Jiří Kroha (5 June 1893, Prague – 7 June 1974, Prague) was a Czech architect, painter, sculptor, scenographer, designer and pedagogue. He was an important exponent of Czech architecture and design during inter-war period.
Kroha began his studies in Prague, but in 1904 his family moved to Plzeň. From 1907 to 1909 he gained his first experience with theatre, as a member of amateur cabaret group. In 1911, he graduated from realschule in Plzeň. The same year he began to study at the Czech Technical University in Prague. Among his professors were Jan Koula, Josef Fanta, Antonín Balšánek and Rudolf Kříženecký. In 1918 he successfully finished his studies at the Czech Technical University. At the same time he made first contacts with bohemian group of the cabaret Montmartre from Řetězová Street in Prague. Among regular guests of the performances were Jaroslav Hašek, Max Brod, Franz Kafka, Eduard Bass, Eduard Bass, Konstantin Biebl, Egon Erwin Kisch, Vítězslav Nezval, Karel Teige, František Tichý and others. In 1918 Kroha became a member of the Mánes Union of Fine Arts, and he also began his collaboration with Artěl (Atelier for Art Work in Prague).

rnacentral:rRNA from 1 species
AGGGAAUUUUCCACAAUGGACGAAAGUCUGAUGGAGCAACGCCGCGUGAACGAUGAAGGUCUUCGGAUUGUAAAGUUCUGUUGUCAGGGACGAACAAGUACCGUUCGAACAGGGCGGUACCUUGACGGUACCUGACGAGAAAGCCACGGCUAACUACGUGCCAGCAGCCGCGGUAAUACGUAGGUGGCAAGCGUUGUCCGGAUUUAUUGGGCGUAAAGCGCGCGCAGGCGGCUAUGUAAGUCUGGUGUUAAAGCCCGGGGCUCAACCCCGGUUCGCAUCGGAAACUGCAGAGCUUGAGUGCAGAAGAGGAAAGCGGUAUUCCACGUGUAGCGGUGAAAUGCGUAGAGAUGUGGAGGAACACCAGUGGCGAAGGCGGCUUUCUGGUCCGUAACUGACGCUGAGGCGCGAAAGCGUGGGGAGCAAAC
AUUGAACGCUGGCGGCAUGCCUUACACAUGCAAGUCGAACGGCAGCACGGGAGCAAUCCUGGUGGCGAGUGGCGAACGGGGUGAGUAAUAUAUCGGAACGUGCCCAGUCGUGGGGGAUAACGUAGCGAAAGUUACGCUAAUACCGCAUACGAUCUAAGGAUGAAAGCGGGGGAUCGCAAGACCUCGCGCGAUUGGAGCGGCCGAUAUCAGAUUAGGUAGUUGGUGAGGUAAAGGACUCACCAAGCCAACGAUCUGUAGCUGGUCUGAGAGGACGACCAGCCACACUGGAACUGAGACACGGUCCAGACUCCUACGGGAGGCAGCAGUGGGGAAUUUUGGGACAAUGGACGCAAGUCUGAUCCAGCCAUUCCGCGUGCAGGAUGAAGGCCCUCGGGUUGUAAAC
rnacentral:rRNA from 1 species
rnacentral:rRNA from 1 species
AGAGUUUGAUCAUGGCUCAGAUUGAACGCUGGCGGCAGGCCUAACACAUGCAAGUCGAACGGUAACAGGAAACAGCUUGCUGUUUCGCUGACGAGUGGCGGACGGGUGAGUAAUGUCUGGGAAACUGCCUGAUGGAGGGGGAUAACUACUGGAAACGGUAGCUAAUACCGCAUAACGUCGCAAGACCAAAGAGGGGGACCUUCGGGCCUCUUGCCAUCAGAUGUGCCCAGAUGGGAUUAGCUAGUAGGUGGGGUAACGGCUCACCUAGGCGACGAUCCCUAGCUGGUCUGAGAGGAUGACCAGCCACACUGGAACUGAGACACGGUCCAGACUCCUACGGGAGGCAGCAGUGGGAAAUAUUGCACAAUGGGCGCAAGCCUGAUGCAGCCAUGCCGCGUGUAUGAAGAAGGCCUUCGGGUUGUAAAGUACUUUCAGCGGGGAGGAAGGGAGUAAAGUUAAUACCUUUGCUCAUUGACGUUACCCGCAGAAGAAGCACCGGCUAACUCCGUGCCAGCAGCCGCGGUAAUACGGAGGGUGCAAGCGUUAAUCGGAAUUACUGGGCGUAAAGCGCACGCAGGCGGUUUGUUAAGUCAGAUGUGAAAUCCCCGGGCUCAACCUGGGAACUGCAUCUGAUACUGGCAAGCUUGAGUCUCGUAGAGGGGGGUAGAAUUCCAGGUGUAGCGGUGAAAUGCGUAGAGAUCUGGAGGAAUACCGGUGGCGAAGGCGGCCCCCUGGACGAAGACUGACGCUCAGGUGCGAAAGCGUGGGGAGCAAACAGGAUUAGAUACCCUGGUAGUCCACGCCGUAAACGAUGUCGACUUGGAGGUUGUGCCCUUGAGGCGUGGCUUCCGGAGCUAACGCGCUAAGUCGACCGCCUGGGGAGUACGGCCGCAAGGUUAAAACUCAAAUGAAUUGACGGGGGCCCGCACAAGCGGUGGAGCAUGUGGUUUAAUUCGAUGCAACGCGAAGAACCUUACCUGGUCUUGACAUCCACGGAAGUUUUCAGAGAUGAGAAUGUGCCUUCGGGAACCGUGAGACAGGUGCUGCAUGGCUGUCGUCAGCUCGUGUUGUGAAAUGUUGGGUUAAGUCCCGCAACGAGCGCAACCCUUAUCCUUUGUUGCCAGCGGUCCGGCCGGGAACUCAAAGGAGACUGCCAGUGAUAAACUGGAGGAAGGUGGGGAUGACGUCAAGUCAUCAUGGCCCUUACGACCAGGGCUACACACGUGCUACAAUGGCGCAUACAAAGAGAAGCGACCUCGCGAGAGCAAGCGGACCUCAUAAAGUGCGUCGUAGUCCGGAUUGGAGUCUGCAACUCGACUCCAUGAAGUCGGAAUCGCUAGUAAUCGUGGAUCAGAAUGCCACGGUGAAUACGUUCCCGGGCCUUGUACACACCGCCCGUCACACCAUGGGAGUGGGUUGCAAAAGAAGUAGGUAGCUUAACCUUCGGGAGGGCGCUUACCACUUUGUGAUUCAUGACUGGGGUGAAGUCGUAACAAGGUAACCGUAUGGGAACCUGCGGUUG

In 1920s he designed several buildings in Mladá Boleslav and Kosmonosy. In 1926 he began lecturing at the Brno University of Technology, and two years later, in 1928, he moved to Brno with his family.
- "ERA 21 - NO. 2, VOL. 2007 - My Home My Castle". ERA21 s.r.o. Retrieved 2009-11-04.
- "Geografické celky: Plzeň". Database of Czech Amateur Theatre. Retrieved 2009-11-07. (1907-1909 spolu s Josefem Skupou a zpěvákem Karlem Hruškou vystupoval v amatérském kabaretu pozdější architekt Jiří Kroha (1893–1974) a zde poprvé maloval kulisy.) (Czech)
- "Dům U Tří divých mužů, Montmartre" (in Czech). Prague Information Service. 2007-06-29. Archived from the original on 2010-03-09.
- "Řádní členové Spolku výtvarných umělců Mánes od generace zakladatelů do dnešních dnů" (in Czech). SVU Mánes. Retrieved 2009-11-07.
- In 1921 Kroha married Miroslava Kubátová. Their daughter Sylva was born in 1926